Zan, Zidegi, Azadi (‘women, life, freedom’) is the central slogan of the ongoing women-led protests that have shaken Iran and captured the world’s attention. The slogan emerged from the Kurdish freedom movement and has been taken up by Iranian protestors. It is a call for the reclamation of women’s bodily autonomy, an issue at the core of the current movement.
The women-led protests started after Masha Amini, died in police custody. Amini, a 22-year-old Kurdish Iranian, was arrested during a visit to Tehran by the morality police for violating ‘hijab’ laws. She was sent to a ‘re-education’ camp and later died. The images of Amini’s brutalised body went viral and triggered widespread protests led by women. Women are removing their headscarves (hijab) in public and cutting off their hair in a bold defiance of a law that requires mandatory head covering. The protests, the largest since the 2009 Green movement, have been met by a brutal crackdown by the authorities, and several media sources have reported deaths.
Women’s Bodies as Battlegrounds
Contestations over women’s bodily autonomy are not new in Iran’s history. The politicization of the hijab (and women’s bodies) started with Reza Shah Pahlavi – the father of the deposed Shah, who banned wearing the veil in public. Women who veiled faced harassment in public. The law was abolished a few years later as it was unpopular with devout women and the general public, but it had cemented the hijab (and by extension women’s bodies) as an ideological battleground. After the 1979 Islamic revolution, veiled women came to symbolise national identity for the new regime, and hijab-wearing was made compulsory. This proved unpopular with women, and there were major protests led by women in post-revolutionary Iran. Compulsory veiling was written into law in 1983 but has remained contested, with the regular emergence of protest movements.
Women-led protests and state backlash
Recent protests in Iran have seen numerous strategies by women defying the state’s control over their bodies: the cutting of hair in public, the making of bonfires with headscarves, the singing and dancing in the streets; all of which change how women’s bodies are imagined and presented in public. This is not unique to Iran. Similar strategies of performing songs and dances, defying gender norms and state regulations in creative and unruly ways to claim public space and demand change are used by the Aurat March protestors to draw attention to bodily integrity issues and the Hazara women protestors in Pakistan. Anti-sexual harassment protestors at Egyptian universities used performance to draw attention to claim women’s right to say ‘no’, and the Shaheen Bagh protestors in Delhi used sit-ins and public performance to draw attention to citizenship rights.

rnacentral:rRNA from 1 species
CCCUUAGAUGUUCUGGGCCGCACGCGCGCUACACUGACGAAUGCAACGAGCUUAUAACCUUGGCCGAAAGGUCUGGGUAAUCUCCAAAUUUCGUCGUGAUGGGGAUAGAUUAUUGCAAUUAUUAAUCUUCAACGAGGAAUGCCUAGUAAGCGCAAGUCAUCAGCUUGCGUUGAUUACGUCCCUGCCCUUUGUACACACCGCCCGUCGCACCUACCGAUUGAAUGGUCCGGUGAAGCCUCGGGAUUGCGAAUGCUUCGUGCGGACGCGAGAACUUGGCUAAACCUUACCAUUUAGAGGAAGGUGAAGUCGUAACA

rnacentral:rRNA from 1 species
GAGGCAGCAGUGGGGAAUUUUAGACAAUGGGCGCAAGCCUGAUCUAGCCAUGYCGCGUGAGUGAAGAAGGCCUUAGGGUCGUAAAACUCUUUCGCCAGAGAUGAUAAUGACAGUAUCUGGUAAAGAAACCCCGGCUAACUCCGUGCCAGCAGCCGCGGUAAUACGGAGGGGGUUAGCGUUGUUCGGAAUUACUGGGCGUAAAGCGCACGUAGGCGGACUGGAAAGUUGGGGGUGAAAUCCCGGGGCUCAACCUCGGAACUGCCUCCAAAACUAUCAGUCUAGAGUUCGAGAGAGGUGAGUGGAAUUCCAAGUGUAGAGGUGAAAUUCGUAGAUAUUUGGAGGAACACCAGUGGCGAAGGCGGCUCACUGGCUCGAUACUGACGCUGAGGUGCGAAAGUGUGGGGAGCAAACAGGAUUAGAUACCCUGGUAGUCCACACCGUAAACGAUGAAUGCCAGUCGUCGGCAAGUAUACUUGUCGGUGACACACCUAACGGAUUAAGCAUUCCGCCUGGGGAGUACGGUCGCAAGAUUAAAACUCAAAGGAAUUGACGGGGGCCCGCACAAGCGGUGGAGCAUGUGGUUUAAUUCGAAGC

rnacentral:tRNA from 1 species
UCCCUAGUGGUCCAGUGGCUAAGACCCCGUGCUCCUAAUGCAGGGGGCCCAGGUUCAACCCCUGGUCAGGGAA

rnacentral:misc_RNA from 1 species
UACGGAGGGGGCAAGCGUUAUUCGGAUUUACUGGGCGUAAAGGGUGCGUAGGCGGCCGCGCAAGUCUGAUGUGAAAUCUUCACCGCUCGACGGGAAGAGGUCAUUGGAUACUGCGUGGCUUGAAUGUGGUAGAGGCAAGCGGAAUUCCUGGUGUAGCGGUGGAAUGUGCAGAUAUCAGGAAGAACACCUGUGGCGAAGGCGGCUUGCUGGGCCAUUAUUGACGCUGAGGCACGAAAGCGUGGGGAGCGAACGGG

All of these women-led protests are facing backlash from their country’s regimes, who continually attempt to discredit them and delegitimise their claims. State security forces and police have harassed and detained protestors and their allies. Given the high levels of state surveillance in these contexts acts of protests carry grave, even life-threatening, risks for the protestors, their families, and their allies.
A leaderless movement and change
As with many other women-led protests, the Iranian protests are leaderless, showing a model of distributed leadership, which enables the sustainability of the movement in the face of state clampdown. The widespread support from many men and across society is another sign of hope for Iranian women.
Time will tell whether this will be a turning point for renegotiating women’s rights in Iran, and if the wide-scale support for the women-led protests will trigger positive change. What we do know, and are seeing, is that the protestors will face severe repression. The state has implemented a social media block in an attempt to contain the protest. In the meantime, those of us that support Iranian women’s right to bodily autonomy need to find effective ways of showing our solidarity, so the protestors know they are not alone. We need to avoid exceptionalism and Islamophobic narratives that position Iran’s gender politics as static and uniquely repressive.
Backlash against women’s bodily autonomy is rising in many contexts at the moment, and it will take a collective effort, to resist it.